Reply 7, posted (14 years 3 weeks 5 days 3 hours ago) and read 1940 times:
I had a sales job for a while, and when I was trained, I was told basically to push the customer into buying. Even if they said "I'm just looking", and I was explaining stuff to them, at the end, I was told ALWAYS to say "How will this be paid for today?" whether they were buying or not. They said it "motivated the customer." . YEAH RIGHT..Motivated them RIGHT OUT THE DOOR! Don't feel bad. I hate pushing myself on people..
Lets do some sexy math. We add you, subtract your clothes, divide your legs and multiply
Jessman From United States of America, joined Jul 2001, 1506 posts, RR: 7
Reply 8, posted (14 years 3 weeks 3 days 9 hours ago) and read 1917 times:
In res, we're human. In ANY airline reservation office you will see the agents who couldn't care less. On the other hand if you consistently offer the best customer service you know how to, and treat each customer as an individual you will find your job rewarding. I know I do.
As for the sales push, I know the feeling. If someone is just looking, they'll say no, but if your service and price has won them over you'd be surprised how many people simply say yes, let's do it.
I don't know how BA operates, but US carriers are required to give abbreviated fare rules (min/max stay, refundable/nonref, day/time/blackout, change penalties, tkt time limits, etc.), and Codeshare/OAL information. That is simply good customer service, make them know what they're buying.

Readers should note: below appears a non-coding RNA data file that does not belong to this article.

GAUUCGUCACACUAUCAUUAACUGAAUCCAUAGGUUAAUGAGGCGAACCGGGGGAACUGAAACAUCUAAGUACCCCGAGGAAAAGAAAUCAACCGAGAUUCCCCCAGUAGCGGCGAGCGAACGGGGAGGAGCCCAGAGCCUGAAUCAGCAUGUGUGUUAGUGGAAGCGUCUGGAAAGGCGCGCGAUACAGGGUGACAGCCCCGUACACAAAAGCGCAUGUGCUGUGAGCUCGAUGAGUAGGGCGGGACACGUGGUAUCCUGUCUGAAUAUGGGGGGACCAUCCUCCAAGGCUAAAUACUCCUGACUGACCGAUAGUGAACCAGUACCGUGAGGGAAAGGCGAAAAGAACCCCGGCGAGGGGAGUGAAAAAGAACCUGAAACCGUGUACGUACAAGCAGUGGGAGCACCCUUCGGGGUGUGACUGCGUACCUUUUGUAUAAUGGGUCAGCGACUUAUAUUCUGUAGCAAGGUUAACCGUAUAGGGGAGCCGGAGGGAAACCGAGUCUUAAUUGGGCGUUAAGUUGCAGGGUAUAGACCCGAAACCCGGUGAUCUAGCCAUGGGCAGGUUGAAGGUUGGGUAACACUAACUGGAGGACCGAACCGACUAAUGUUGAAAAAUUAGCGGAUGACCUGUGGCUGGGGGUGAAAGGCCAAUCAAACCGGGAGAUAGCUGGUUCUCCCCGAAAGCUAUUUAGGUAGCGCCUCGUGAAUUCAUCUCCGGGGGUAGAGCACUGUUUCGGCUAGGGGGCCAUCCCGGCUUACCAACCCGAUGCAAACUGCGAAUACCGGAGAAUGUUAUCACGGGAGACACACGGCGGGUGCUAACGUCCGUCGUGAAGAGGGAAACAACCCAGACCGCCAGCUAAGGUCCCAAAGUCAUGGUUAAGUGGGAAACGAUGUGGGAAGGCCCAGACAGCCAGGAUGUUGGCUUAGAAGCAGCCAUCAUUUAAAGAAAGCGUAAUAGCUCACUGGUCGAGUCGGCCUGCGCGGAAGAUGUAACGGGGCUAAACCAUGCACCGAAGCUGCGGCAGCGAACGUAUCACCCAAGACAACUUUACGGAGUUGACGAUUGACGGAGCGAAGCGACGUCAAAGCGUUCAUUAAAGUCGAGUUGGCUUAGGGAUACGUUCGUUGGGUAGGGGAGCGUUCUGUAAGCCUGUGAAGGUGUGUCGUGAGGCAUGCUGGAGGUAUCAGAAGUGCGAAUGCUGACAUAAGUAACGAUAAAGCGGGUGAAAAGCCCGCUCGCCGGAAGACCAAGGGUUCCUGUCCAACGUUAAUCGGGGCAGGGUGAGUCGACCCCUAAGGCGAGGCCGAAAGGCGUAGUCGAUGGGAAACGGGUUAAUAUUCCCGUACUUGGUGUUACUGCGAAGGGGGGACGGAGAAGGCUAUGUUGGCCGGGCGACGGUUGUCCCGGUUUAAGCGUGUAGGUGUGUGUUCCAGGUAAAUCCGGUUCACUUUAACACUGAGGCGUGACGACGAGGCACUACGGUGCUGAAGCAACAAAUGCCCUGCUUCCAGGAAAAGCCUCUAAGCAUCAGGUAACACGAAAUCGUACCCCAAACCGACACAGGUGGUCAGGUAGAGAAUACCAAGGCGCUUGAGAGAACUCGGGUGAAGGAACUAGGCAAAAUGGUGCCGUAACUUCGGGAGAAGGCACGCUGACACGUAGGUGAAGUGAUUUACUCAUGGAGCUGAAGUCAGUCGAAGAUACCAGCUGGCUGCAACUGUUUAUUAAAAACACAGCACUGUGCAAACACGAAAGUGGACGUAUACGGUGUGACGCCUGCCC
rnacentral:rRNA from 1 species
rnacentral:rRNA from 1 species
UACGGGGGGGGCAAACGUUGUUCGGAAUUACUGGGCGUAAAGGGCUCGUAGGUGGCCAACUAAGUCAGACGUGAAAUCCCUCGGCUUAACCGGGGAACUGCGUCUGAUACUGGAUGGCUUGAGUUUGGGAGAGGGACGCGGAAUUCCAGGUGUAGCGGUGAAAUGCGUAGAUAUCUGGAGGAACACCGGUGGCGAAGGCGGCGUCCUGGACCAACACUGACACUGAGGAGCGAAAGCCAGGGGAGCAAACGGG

I wish you the best of luck, and have fun, you're just a person getting paid to talk on a phone. On the other end of the line is a person as well.
Rojo From Spain, joined Sep 2000, 2507 posts, RR: 8
Reply 9, posted (14 years 3 weeks 2 days 20 hours ago) and read 1899 times:
An Econ Grad can work on the corporate headquarters of Continental doing many jobs. For example, the complete turnaround of Continental (GO FORWARD PLAN) was done by the CEO, COO and many grad people. The financial planning (how much can each division spend), buying futures of fuel (jet A) and many more things require economy grads. So believe me, there are many positions in an airline that require grads.
You can always work for an airline doing what you like, getting paid good and with the benefits of nonrev.
Mcdougald From , joined Dec 1969, posts, RR:
Reply 10, posted (14 years 3 weeks 2 days 16 hours ago) and read 1891 times:
If there's more than just an isolated handful of people who don't care, it sounds like a systemic problem filtering down from the top.
Unless they've got a masochistic streak in them, people will follow the path of least resistance or maximum reward, so it's up to a company to ensure that this path matches the company's best interests. Reading between the lines, it looks as though the telephone reps' performance must be measured in terms of calls handled per hour, which means that the path of least resistance is to not bother checking spelling or doing anything else that would consume phone time, even if the airline officially tells people to be careful to get things right or to tell them about long layovers.
It's a problem in every industry, not just call centres. There's a modern-day obsession with productivity numbers that doesn't always take human nature into account, and that inevitably leads to problems.